import { registerReactControl } from 'dotvvm-jscomponent-react';
import { YourReactComponent } from ...;

export default (context: any) => new MyModule(context);
class MyModule {
    constructor(context) {
        this.context = context;

    $controls: {
        YourComponent: registerReactControl(YourReactComponent, { 
            this.context, // always pass the context to the component
            // specify default values for all parameters
            text = "default text",
            onClick() { /* do nothing when onClick is not set */ } 

Then, you can use the control in the page like this:

@js MyModule

<js:YourReactComponent text={value: ButtonText} 
                       onClick={command: Clicked()} />

Performance and memory improvements

The new version of DotVVM contains several performance optimizations. We have changed many initialization tasks to work in parallel, and we have rewritten the view compiler so it doesn’t use Roslyn. Instead, it generates LINQ expressions.

This saves some memory, removes dependencies on Roslyn DLLs which are quite large, and finally, it is much faster.

We have also implemented special interning mechanism for strings as DotVVM filled the heap with many instances of the same string values.

Roslyn analyzers

We’ve written several Roslyn analyzers which help you to find common mistakes in your viewmodels. These analyzers detect whether the types in the viewmodel are serializable, and inform you with a wnarning if they find issues.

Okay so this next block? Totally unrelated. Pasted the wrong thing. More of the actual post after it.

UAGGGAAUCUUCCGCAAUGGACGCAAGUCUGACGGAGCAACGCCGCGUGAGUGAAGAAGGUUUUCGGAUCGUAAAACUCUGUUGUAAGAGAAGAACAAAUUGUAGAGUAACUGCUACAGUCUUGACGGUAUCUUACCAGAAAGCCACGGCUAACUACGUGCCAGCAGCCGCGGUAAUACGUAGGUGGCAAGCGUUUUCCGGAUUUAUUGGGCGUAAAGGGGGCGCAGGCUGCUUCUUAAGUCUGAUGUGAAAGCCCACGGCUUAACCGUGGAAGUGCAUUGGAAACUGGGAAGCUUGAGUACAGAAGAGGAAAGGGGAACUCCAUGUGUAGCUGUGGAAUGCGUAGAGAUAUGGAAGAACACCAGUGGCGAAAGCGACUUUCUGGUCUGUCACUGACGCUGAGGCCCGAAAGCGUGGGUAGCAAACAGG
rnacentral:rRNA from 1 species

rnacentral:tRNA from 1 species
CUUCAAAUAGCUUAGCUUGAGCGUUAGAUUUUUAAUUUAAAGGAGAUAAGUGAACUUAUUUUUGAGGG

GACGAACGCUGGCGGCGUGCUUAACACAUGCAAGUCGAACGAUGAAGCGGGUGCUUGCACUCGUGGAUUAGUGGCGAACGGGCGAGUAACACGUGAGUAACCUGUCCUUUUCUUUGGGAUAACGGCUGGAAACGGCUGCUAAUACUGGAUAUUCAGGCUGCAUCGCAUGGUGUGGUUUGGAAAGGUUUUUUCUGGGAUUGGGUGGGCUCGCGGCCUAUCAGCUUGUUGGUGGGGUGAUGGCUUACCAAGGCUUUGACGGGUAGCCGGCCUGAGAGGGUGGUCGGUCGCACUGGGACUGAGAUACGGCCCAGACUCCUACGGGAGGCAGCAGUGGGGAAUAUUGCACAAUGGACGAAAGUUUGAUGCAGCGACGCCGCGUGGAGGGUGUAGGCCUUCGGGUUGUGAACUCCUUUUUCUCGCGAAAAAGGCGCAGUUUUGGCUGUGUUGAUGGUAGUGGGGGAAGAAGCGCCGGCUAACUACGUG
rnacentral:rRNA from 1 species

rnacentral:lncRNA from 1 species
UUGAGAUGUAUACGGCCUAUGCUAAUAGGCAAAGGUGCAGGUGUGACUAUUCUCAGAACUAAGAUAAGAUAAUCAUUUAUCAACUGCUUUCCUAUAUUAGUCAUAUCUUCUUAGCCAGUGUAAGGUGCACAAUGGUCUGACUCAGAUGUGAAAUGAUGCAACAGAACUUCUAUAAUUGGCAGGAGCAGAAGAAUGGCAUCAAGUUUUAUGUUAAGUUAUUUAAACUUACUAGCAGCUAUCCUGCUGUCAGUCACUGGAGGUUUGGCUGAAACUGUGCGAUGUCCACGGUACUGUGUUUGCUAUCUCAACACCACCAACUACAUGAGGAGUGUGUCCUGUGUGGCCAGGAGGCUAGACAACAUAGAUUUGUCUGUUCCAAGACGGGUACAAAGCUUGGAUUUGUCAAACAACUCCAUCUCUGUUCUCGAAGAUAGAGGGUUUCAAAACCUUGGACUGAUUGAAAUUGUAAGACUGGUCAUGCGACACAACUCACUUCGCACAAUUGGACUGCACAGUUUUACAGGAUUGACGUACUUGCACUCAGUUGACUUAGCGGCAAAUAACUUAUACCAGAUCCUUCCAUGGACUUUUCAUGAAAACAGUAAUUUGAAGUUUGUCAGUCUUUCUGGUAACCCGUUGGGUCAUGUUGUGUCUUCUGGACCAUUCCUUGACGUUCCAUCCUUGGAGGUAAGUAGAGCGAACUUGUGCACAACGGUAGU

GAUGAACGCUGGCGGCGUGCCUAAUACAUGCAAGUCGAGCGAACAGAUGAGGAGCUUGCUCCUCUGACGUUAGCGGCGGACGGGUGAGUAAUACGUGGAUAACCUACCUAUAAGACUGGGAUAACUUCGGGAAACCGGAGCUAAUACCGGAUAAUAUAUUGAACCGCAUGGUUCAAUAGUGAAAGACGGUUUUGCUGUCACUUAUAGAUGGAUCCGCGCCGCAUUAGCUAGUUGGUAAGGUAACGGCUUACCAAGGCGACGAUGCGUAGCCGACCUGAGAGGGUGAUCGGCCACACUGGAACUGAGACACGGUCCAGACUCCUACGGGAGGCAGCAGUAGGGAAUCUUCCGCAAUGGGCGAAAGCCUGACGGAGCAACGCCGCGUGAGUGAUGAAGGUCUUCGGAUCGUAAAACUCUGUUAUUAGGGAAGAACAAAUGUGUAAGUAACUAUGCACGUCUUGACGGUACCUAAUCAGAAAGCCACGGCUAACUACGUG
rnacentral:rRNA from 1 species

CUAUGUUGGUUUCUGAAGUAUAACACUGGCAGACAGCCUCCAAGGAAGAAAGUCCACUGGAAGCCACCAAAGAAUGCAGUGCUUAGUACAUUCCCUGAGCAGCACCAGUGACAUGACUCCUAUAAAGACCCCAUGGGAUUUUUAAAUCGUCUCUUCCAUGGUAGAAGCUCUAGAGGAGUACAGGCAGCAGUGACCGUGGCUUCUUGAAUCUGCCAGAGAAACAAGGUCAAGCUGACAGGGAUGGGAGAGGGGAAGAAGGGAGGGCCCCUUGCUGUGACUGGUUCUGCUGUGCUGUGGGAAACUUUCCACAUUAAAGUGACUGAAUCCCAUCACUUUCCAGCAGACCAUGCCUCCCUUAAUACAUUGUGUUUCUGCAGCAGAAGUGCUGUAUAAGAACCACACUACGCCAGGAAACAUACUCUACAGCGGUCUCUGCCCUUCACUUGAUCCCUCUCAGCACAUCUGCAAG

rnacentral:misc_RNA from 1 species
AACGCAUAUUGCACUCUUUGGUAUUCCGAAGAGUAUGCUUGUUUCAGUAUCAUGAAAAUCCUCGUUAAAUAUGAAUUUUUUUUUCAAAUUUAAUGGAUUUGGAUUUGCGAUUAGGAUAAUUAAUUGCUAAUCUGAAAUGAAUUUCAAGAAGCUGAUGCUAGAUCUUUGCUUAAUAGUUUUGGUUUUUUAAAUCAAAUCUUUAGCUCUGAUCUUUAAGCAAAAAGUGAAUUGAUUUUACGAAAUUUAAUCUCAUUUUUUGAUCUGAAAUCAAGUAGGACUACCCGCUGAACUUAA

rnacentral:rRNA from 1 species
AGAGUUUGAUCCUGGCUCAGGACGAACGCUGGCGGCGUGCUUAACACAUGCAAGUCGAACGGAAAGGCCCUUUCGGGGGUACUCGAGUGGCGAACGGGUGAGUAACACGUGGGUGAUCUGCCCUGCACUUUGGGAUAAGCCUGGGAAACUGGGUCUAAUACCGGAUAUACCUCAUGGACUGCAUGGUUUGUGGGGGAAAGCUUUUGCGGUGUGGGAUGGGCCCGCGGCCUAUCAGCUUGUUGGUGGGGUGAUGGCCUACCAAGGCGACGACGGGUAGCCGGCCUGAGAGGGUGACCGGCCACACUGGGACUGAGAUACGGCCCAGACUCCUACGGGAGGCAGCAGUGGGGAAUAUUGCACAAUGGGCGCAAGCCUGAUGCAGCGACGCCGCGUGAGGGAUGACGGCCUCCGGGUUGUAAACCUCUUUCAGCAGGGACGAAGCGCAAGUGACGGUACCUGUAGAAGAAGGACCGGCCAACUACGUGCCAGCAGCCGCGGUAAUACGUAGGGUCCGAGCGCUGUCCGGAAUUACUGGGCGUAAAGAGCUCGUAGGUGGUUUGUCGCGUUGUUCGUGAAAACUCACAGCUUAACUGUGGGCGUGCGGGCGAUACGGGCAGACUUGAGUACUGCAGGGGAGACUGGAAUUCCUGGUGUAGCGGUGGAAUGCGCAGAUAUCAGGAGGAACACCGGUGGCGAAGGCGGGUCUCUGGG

The analyzers are referenced directly from the DotVVM NuGet package so it should start working automatically.

Hot reload support

.NET 6 brought the Hot reload experience which allows you to some apply code changes without the need to restart your app. It can save a lot of time in the developer inner loop (change code – compile – wait until the app initializes – see the result).

DotVVM now detects that hot reload happened, and flushes some of its caches. When you add a property in the viewmodel, DotVVM should be able to notice it and reconstruct the viewmodel serialization maps, so when you reload the page, it should work without the need to restart the process.

Also, we have implemented the Hot reload experience for the DotHTML files. If you make any changes to a page, master page or a markup control, and save the file, it will be reloaded automatically, and DotVVM will also try to keep the state of the page.